We were a fast group, and really lived it up. We studied during the day, and indulged in restaurants and clubs at night. Nothing seedy or dangerous. We were actually pretty staid. We called ourselves the Golden Girls because we acted like old ladies.Lest we forget that she is Very Fashionable(TM) and Not Like Other Girls(TM), Aviva tells us that she "started collecting Birkin bags [in Paris] before they were popular in America." We also get a list of Aviva's phobias, which includes such assorted inanities as "terrorists," "aluminum foil," and "some spiders (big ones are fine)."
Each bridesmaid dress was going to be a bright, solid color spaghetti-strap tank with a giant tulle skirt in the same bright color. So one bridesmaid was going to have bright yellow, another fuchsia, and so on.We are treated to yet another breezy name-drop -- "a young designer and friend named Tory Burch (yes, the very same)" -- before Aviva moves right along into her next relationship, in which she "finally fulfilled my lifelong doctor fetish." I really hope that Aviva is using the word 'fetish' in the lighthearted, casual sense, and not in the way that I -- someone who has seen every episode of Strange Sex and also every documentary ever made about furries -- would use it.
How many gentile girls went to Torah classes and wound up falling in love with a Persian man? What are the odds? About the same as getting your foot stuck in a barn cleaner.Her new boyfriend, Ricky, was apparently "rooted in his family's ancient Persian culture," which makes me imagine him exactly like this. Aviva pops in to remind us of her phobic nature ("Oh, I forgot to put that on my list! I am afraid of chlorine, too!") before telling us more about the process of converting to Judaism. But lest you think that Aviva was just your regular, run-of-the-mill Jewish person after this, she clarifies, "I went into the mikvah a shiksa and came out a Jew, possibly the tallest and blondest in New York City." There is definitely something vaguely unsettling about Aviva making sure we know that she is the most Aryan Jewish person of them all, but I don't feel qualified to dive down that particular rabbit hole at the moment.
My ten-year-old stepdaughter, Veronica, came into my bedroom last night and put my prosthesis between her knees and said, "I've got three legs!" (Okay, stop thinking dirty here, guys).Her interjection makes me shockingly defensive. Aviva! I wasn't even thinking anything dirty! I promise! And I don't even know what the point of this story would be if it wasn't that your kid said something that sounded dirty! Why are you doing this to me? Furthermore, I am highly suspicious that this interaction occurred "last night." Pretty convenient timing, there, hmm Aviva?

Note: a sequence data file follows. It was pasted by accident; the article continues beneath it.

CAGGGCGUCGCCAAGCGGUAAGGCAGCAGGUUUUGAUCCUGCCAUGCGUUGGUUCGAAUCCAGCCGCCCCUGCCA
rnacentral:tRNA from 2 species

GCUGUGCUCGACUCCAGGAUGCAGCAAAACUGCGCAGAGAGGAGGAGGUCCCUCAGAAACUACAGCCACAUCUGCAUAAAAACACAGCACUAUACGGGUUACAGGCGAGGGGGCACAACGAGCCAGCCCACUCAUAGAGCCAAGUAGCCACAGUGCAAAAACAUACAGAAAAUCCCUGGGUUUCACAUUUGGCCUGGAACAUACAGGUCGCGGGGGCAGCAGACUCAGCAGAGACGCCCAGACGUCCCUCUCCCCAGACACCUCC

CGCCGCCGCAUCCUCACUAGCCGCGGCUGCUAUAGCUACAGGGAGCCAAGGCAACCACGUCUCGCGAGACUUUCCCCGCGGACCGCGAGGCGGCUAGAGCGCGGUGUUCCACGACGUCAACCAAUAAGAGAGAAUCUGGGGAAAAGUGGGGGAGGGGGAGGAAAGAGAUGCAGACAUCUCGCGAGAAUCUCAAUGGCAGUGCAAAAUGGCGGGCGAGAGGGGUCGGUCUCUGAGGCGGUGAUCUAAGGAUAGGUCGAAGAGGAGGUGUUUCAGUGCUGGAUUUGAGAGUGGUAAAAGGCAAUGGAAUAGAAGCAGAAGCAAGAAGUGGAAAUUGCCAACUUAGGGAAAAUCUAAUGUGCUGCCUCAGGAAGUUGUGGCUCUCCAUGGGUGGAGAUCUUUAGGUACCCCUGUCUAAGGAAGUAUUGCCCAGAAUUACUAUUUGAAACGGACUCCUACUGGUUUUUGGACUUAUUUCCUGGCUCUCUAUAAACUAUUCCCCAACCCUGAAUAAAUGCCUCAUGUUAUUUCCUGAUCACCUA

The next time I heard from Harry, he invited me to the presidential inauguration and inaugural ball for George W. Bush in January 1997.Granted, I was busy being three years old at the time, but I am fairly certain that George W. Bush was not the president in 1997. The only explanation I can possibly come up with is that Aviva and Harry Dubin are both deeply entrenched in some sort of Illuminati-tier secret society that preordained Bush for the presidency several years before it came to pass. Which, honestly, would explain a lot. If anyone would like to pass this hot tip along to Alex Jones, please, be my guest.
In hindsight, I should have stayed in New York. The northern doctors made breasts smaller, more fashion friendly. Miami boobs were just too big.Rock in socks on chicks on fox. Fox on clocks on rocks in socks. Dr. Seuss rhymes bounce around my head for the remainder of the chapter. More importantly, this stands in direct contradiction to Aviva's infamous "the only thing that is artificial or fake about me is this" claim. But I suppose "the only thing that is artificial or fake about me is this, and also my tits," just doesn't have the same ring to it.
Eleven years later, I regret that surgery. My prosthetic boobs are my cross to bear. They remind me of that horrible time, plus they don't even look good anymore. I breast-fed two children with them, and they've become huge and saggy. The term "rocks in socks" comes to mind.
Apropos of nothing in particular, the man said, "It's tough being a new single dad."This honestly sounds like the opening dialogue of truly terrible porn. If I close my eyes, I can almost hear the dulcet tones of Cara Quici in the background.